California lawmakers on Monday passed bill aimed at filling a loophole in state gun laws that surfaced after a mass shooting at a synagogue in suburban San Diego last year. The Senate sent the bill to Governor Gavin Newsom for consideration.
The state currently prohibits the sale of rifles to anyone under the age of 21 unless they have a valid hunting license, but the 19-year-old Poway shooter was able to purchase a semi-automatic rifle for the assault despite his age despite not having a valid hunting license .
Senator Anthony J. Portantino's (D-La Cañada Flintridge) bill would require arms dealers and the Justice Department to certify that gun buyers under the age of 21 have a valid hunting license.
"We have an epidemic of gun violence in our country and unfortunately it has become all too common to see senseless violence on the news," said Portantino. "It is even more appalling that these shootings, including the Poway tragedy, are increasingly targeting places of worship."
The state has enacted numerous other gun restrictions following mass shootings in recent years, including deadly attacks in Gilroy and San Bernardino.
The Portantino measure, SB 914, was previously approved by the Senate but is returning to approval of changes that included a delay in the implementation date until July 1, 2021.
The loophole was discovered through an investigation into the April 2019 gunfire attack on Chabad of Poway, which killed one person and injured three. The shooter had paid for a hunting license, but it was not yet valid at the time the rifle was purchased. Nobody checked its validity.
The bill provides for the gun seller to visually check a buyer's hunting license to make sure it is valid during the 10 day waiting period to purchase a gun and record the document number and dates during which it is valid. The state Department of Justice, which is reviewing weapons purchases, would need to review the license with the state Department of Fish and Wildlife.
A letter to lawyers for the San Diego law firm said that Portantino legislation "would fill that loophole."
The move is opposed by proponents of gun owners, including the Gun Owners of California group.
"This legislation will eliminate most, if not all, youth shooting programs across the state by making it virtually impossible for teenagers to shoot a firearm provided by anyone other than their parents," the group wrote to lawmakers. "This includes youth camps and high school shooting teams that have become very popular all over California."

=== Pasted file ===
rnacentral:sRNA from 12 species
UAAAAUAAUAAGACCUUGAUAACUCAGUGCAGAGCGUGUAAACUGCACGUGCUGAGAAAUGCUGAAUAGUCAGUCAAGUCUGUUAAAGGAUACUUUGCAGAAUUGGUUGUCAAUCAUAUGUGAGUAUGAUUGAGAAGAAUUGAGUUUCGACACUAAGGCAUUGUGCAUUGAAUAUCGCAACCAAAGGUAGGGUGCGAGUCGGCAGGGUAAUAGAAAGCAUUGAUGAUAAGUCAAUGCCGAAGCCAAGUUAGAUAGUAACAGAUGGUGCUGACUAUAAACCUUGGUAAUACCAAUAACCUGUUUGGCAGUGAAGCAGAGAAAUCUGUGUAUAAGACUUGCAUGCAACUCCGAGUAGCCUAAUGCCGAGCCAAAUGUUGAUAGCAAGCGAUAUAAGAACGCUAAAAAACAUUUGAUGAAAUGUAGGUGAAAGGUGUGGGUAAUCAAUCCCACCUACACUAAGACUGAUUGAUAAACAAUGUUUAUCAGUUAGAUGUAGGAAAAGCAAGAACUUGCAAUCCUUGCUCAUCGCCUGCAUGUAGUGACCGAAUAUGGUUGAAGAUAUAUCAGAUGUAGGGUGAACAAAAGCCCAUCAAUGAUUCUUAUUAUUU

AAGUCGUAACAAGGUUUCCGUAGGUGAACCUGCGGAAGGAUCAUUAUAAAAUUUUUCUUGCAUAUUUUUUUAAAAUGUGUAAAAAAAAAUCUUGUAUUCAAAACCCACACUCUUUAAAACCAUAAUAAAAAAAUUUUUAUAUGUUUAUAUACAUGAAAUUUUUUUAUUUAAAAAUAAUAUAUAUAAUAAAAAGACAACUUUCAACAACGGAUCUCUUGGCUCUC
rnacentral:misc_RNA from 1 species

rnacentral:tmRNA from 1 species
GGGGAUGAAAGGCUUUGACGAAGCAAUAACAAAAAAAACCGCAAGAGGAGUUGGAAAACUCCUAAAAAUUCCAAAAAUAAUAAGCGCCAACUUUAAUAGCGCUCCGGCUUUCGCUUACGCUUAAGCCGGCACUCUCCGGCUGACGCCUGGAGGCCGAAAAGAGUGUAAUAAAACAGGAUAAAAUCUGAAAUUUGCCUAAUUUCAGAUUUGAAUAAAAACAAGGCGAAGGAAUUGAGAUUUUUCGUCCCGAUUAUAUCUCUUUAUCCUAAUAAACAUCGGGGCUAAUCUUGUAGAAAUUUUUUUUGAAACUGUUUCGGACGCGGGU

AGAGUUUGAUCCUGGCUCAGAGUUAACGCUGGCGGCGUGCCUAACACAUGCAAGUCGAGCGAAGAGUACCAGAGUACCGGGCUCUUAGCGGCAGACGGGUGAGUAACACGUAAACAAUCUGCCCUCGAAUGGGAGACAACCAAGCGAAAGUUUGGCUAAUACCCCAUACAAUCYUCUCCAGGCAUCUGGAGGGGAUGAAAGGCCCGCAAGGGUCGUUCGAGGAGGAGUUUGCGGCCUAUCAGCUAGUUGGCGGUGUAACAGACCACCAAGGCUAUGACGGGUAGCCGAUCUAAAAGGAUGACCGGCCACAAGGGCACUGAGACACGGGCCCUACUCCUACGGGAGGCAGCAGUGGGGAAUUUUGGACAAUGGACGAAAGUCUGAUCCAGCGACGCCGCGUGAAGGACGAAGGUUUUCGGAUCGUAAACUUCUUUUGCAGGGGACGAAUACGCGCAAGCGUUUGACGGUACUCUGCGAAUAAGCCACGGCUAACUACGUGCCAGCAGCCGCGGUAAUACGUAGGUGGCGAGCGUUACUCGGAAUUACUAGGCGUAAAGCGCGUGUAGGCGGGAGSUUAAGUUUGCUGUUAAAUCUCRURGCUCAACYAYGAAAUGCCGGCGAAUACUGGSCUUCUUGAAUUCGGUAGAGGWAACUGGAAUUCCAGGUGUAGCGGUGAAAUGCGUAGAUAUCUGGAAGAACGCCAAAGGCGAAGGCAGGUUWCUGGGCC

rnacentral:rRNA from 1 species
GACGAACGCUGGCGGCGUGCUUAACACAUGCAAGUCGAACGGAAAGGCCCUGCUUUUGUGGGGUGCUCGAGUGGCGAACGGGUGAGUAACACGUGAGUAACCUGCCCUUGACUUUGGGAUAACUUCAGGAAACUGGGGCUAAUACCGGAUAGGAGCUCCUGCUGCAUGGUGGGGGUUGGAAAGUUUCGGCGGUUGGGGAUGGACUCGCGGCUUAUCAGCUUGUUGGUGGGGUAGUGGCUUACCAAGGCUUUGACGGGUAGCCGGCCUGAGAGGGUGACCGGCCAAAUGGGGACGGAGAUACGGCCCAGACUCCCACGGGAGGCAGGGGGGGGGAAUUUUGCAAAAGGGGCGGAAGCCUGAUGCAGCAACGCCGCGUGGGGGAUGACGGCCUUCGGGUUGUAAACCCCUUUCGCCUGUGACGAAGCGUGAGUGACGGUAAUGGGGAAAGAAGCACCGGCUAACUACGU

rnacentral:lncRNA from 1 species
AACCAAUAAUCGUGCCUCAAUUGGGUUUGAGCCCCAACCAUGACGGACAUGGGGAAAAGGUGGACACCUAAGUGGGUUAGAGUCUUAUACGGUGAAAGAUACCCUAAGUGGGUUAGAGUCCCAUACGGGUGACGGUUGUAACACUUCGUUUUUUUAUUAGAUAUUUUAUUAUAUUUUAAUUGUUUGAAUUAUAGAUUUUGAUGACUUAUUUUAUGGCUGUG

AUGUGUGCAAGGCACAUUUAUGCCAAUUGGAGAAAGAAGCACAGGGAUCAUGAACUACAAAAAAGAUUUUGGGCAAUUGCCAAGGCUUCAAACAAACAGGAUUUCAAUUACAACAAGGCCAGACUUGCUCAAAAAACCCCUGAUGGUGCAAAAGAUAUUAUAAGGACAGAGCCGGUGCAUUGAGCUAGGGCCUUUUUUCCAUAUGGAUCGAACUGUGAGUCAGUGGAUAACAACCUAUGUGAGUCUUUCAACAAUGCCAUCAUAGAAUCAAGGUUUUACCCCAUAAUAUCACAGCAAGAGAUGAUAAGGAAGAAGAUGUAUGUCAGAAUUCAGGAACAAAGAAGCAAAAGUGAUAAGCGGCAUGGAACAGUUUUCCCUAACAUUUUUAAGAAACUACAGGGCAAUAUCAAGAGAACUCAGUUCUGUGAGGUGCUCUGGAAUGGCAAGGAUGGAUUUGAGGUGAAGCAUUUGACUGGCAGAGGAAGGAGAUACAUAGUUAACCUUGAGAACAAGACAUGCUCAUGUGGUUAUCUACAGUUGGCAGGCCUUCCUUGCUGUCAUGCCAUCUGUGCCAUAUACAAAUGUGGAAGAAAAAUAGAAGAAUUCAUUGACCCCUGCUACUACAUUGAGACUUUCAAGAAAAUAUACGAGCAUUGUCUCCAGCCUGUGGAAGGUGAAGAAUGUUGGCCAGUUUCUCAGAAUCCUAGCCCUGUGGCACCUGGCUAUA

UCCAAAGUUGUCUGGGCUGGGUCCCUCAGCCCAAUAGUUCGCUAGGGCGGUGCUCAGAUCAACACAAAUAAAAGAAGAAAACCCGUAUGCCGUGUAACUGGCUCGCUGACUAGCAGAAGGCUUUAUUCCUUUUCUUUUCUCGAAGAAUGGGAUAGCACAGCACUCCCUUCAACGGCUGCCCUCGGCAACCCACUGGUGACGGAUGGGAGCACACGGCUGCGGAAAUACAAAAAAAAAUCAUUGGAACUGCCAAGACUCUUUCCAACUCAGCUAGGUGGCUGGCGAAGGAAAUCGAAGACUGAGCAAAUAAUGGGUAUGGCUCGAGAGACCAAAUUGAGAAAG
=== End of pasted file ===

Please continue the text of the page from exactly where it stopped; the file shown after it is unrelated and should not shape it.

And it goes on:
The Portantino bill was one of several gun control measures approved in the final days of the session.
Legislators also sent the governor a bill requiring semi-automatic pistols to be equipped with chamber load indicators, magazine separators, and micro-stamping technology to help law enforcement better track firearms. The bill would come into force on July 1, 2022.
"This is a bill that will help law enforcement agencies use micro-stamping technology to solve gun-related crimes and reduce the number of accidental gun deaths and injuries," said David Chiu MP, D-San Francisco, who presented the bill.
The legislature also approved a bill requiring the state to comply with orders issued by other states to restrict armed violence. The order to temporarily remove firearms from anyone who a court determines is a danger to themselves or others.
Another measure approved by the legislator gives the Ministry of Justice new powers from July 1, 2021 to impose fines on arms dealers who violate state regulations.
The action was taken just days after a study by gun violence research experts at UC Davis Health found that in recent years California has seen a significant decline in gun injuries, the state's overall death rate among the wounded however, firearms have increased significantly.